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Past Times: A Week in the Life of a Larnikin Soldier

by chaotizitaet


Also by 1335512

One of the disadvantages of being a newly hatched Larnikin Soldier in the habitarium is that you get all the tasks assigned nobody else wants to do. Tasks which don't necessarily have anything to do with patrolling duties. Tasks which simply fall into our responsibility because the other petpetpets are too busy with their main tasks of harvesting and nesting. So, given a current lack of pest attacks, here I am cleaning out old stuff at the hospital. And I am not talking about old medical supplies which only a responsible soldier could dispose of. No, I'm talking about personal stuff of petpetpets long gone. Broken spears, left over nest padding in cuddly toy form... this kind of stuff. But hey! What is this? It looks like an old diary. Wonder what this petpetpet's life was like... eons ago...


     Day 1 - I was hatched early this morning and eagerly began patrolling. As I was still learning the ropes, I was told to accompany a seasoned soldier who taught me all the tricks. Shortly after lunch break, the peaceful lull we had enjoyed in the morning came to a sudden end. My first encounter with those blue pests! Fighting ensued all over the habitarium but thanks to the tricks my mentor had taught me I came out of this battle unscathed. My mentor, however, was not so lucky. Having sustained some minor wounds he was taken to the hospital. The other soldiers assured me that he would be back in no time, as good as new.

     Shoving the strange feeling in my gut aside, I resumed my patrolling duty. It was not long after that, that things became really strange. There was some kind of eerie silence and all of a sudden the noise we soldiers like to hear least was audible: The sound of a resource drying up. The sound of us soldiers having failed to protect the habitarium. But there had been no invasion; no blue pests had entered the habitarium since earlier. And yet the workers were all acting as if in trance, wandering around aimlessly as if they had felt some invasion, had perhaps even fought it. Of course bad news piles up at such a moment and within moments after we first realized the strange after effects of an attack we soldiers had neither seen nor felt, we heard that my mentor had died in the hospital.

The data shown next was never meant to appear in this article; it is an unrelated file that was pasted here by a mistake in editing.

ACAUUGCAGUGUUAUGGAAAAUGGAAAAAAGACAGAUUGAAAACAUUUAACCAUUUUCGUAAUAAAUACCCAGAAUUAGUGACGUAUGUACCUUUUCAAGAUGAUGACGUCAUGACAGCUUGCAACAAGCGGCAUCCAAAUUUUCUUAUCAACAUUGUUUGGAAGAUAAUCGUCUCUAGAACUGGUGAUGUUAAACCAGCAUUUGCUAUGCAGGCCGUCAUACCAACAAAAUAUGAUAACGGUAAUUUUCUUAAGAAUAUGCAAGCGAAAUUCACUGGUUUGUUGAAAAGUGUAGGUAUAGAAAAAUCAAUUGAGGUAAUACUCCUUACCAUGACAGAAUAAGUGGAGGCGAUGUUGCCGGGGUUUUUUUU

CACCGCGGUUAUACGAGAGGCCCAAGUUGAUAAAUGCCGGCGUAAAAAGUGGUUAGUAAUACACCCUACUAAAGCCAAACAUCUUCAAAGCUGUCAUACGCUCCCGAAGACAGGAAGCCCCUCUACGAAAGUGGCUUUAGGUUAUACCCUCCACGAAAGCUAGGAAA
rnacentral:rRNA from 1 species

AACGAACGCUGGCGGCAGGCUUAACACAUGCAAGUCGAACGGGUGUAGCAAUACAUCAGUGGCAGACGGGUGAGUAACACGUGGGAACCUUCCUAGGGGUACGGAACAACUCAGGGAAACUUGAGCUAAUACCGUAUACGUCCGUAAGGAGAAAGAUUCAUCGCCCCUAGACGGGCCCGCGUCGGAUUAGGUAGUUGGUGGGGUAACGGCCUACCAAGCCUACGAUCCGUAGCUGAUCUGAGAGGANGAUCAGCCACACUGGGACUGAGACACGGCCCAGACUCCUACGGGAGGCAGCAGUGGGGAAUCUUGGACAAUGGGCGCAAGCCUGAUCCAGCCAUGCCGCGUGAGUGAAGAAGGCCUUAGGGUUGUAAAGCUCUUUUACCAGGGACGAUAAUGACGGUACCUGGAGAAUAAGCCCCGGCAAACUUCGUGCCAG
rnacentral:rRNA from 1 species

To be sure, he had been the oldest soldier in the habitarium, but we figured that he had still a good two days to go before the eternal light called him to the higher plains. So how could he die? Especially when being in hospital, the healing institution of the habitarium?

     Something was more than off.

     Day 2 - Whenever I was not patrolling, I was practicing my fighting skills. I did not under any circumstances want to sustain any wounds during a fight. I did not want to have to be admitted into the hospital. An unlucky worker had gotten in the midst of a fight when there had been a pest invasion close to the end of last day. Of course those workers are feisty and well able to defend themselves, but they lack the skill we soldiers possess and usually get injured. So off to the hospital that poor Mootix went, never to be seen again. Another victim of the hospital curse. And strange enough, the Mootix's death again occurred at the same time the 'You have failed to protect the habitarium'-noise became audible once more and the other workers ran around in trance. We couldn't shake the feeling that those two occurrences were somehow connected. Sleep that night had been rather restless, haunted by nightmares of becoming injured and having to be taken to the hospital.

     When we were woken up this morning, all of us knew that no matter whether we were soldiers or workers, we had one thing in common: We feared the hospital! Hence the training whenever we found a spare moment. We even taught the workers a few tricks to practice on their way back from the storage to their harvesting place.

     We were lucky that day: No blue pests invaded, nobody had to be taken to the hospital, and though the ghost attacks, as we started to call them, occurred a few times over the day, we all survived the day.

     Day 3 - This was the day the investigation began. Well, of course we had already tried to brainstorm and connect whatever clues we had, but last night, just before falling asleep, we soldiers had met in the barracks and decided to form an investigation squad. I was thrilled because I was to be part of that investigation squad. Our job would be to patrol as normal; however, we were not to look out for pests. We were to watch the workers to see if there could be anything detected in their behaviour prior to the noise of doom. Should blue pests enter, we would be alerted by the fighting and could pitch in easily enough, but someone had to watch the workers as they obviously were the only ones who could feel the ghost invaders.

     It was just before lunch break that the first ghost attack occurred. However, despite watching the workers closely, we could not detect anything unusual until the moment they all appeared to be in trance and wandered around aimlessly. So watching them obviously was not enough. And it now dawned upon me that with all our planning we had overlooked something essential: None of us soldiers had ever asked the workers how they felt during the ghost attack or how they knew about the attack happening. I wanted to bang my head against something solid to express my anger at our oversight, but the only really solid things in the habitarium are the trees, the rocks and the water pump, and these places were busy with harvesting workers. So I did the next reasonable thing: I talked to the workers instead.